An Introduction to Indonesia & Bali

Bali (introduction to Bali) is one of Indonesia's seventeen thousand islands and also a province. It is a very well-known holiday destination for visitors from both the West and the East. The island lies about 8 degrees south of the Equator, southeast of Singapore (a little over two hours flight time). While Bali is accessible by a short ferry crossing from Java, with Indonesia's capital Jakarta and cities like Bandung, Semarang, Yogyakarta and Surabaya, most visitors fly to the Bali capital Denpasar, near the southern tip of the island. The distance by air from Jakarta to Bali is about 1,000 km (600 miles). Overland, it's considerably more.

Most visitors to Indonesia (including the Province of Bali) need a visa, available in many cases on arrival, or from an Indonesian Embassy abroad. Visa-free entry is granted to some (but not all) ASEAN nationals (Indonesia is an ASEAN Member) and passports of some other countries. See our Visa Page for more information on visa requirements for Bali, Indonesia and other Asian countries.

 

Bali is a favourite vacation destination for tourists of many nationalities, especially Australians, including divers, surfers and others, both young and old, as other Western and Asian visitors. There is a sizeable ex-pat community too, some with their own businesses (usually joint ventures with an Indonesian partner), sporting and accommodation facilities to serve the many tourist activities. There are other nationals who have made permanent or temporary homes on the island including British, American, Germans, Dutch and Italians.

Surprisingly to some, Bali has a total area of 5,600 square kilometres (2,200 square miles); it's about half the size of Hawaii's Big Island or Cyprus and about the same as Brunei. From north to south is about 90 km (55 mi) and east to west 140 km (90 mi).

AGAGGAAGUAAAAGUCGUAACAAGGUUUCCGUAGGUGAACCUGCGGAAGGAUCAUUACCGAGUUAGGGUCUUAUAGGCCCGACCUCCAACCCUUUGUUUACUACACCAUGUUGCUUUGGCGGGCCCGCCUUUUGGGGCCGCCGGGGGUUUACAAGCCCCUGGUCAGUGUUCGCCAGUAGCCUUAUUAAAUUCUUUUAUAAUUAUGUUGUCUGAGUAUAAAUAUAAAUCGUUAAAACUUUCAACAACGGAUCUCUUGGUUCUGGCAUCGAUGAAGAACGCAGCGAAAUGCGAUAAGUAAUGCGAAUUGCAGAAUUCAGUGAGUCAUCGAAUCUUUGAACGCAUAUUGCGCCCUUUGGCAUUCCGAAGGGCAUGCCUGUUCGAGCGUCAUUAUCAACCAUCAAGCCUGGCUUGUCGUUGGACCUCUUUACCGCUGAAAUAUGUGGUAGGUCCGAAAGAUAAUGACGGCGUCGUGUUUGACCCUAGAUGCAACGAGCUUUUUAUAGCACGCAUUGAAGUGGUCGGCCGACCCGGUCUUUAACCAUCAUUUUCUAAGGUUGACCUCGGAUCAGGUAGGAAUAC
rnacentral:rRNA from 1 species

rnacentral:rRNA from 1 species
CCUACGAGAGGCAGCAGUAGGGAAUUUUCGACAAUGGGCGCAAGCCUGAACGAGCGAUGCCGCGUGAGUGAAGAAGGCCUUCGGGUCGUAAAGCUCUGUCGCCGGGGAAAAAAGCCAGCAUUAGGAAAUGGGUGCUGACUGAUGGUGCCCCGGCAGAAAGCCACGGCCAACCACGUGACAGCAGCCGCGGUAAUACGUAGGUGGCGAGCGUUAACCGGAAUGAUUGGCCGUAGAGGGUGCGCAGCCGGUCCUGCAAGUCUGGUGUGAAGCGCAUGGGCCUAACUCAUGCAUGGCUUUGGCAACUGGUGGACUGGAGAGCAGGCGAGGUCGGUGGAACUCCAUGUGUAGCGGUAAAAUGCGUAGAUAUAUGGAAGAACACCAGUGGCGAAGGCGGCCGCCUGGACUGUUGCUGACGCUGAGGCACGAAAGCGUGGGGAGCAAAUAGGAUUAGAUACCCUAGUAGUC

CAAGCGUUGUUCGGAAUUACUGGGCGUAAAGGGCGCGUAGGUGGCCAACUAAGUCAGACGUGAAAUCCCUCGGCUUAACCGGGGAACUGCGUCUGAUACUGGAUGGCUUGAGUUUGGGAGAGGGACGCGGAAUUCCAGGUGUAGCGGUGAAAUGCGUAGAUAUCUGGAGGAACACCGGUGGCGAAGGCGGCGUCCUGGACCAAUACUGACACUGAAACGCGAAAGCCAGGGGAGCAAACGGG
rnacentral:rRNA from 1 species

Bali Map

Apart from the busy capital Denpasar and nearby Kuta, Legian and Sanur beaches, there are large hotels and resorts at Nusa Dua Peninsula and Uluwatu near the southernmost tip of the island, beyond Bali's Denpasar (Ngurah Rai) Airport.

Inland are several fair-sized towns including the famously unique 'arty-crafty' Ubud and its surrounding villages and resorts like Payangan; there are also Tabanan and Gianyar. Driving north past the rice fields and terraces to dormant volcanoes and picturesque lakes, you reach the less-populated north coast and Singaraja, with nice beachside hotels and resorts at Lovina and Anturan. While the road west offers few tourist attractions and scenery, it passes through Negara  and leads to the port of Gilimanuk and the ferries to East Java about 3km distant. Cutting across country, the road picks up the north coast road and leads to Singaraja.

You can continue along the coast to the eastern side of the island where there are quieter beachside resorts and diving spots near Amplapura (also seen as Amlapura) and Candidasa (pronounced CHAN-didasa) and to the south, the peaceful fishing village, port and beach at Padangbai (see picture) where there are ferries to Lombok and other Indonesian islands east of Bali.

bali boats

Religion and Culture
One of the chief attractions of Bali is of course Balinese
culture and Hindu religious ceremonies and rituals which form an integral part of the daily lives of most Bali natives. This is even more apparent in the outlying villages and smaller towns than in Denpasar itself, which as the main commercial centre, is inhabited by several different ethnic groups, including Muslim Indonesians from Java and other islands, Chinese and other nationalities. Culturally, Bali differs from most of the rest of Indonesia which is the largest Muslim-populated country on earth. Bali is an island province, so has its own local authorities, but the economy is controlled to a great degree by the Islamic majority government based in Jakarta, on the much larger island of Java, immediately to the west of Bali. A short ferry crossing links the two.

Bali ceremonies (including cremations) are a famous tourist attraction on their own, and many spectacular performances of dancing and local culture demonstrations are put on specially for the visitors. However, as a resident who has 'seen it all before' they can intrude into normal daily life; even be an annoyance, especially for those not really interested in religion or 'pagan rituals' like these offerings to the gods.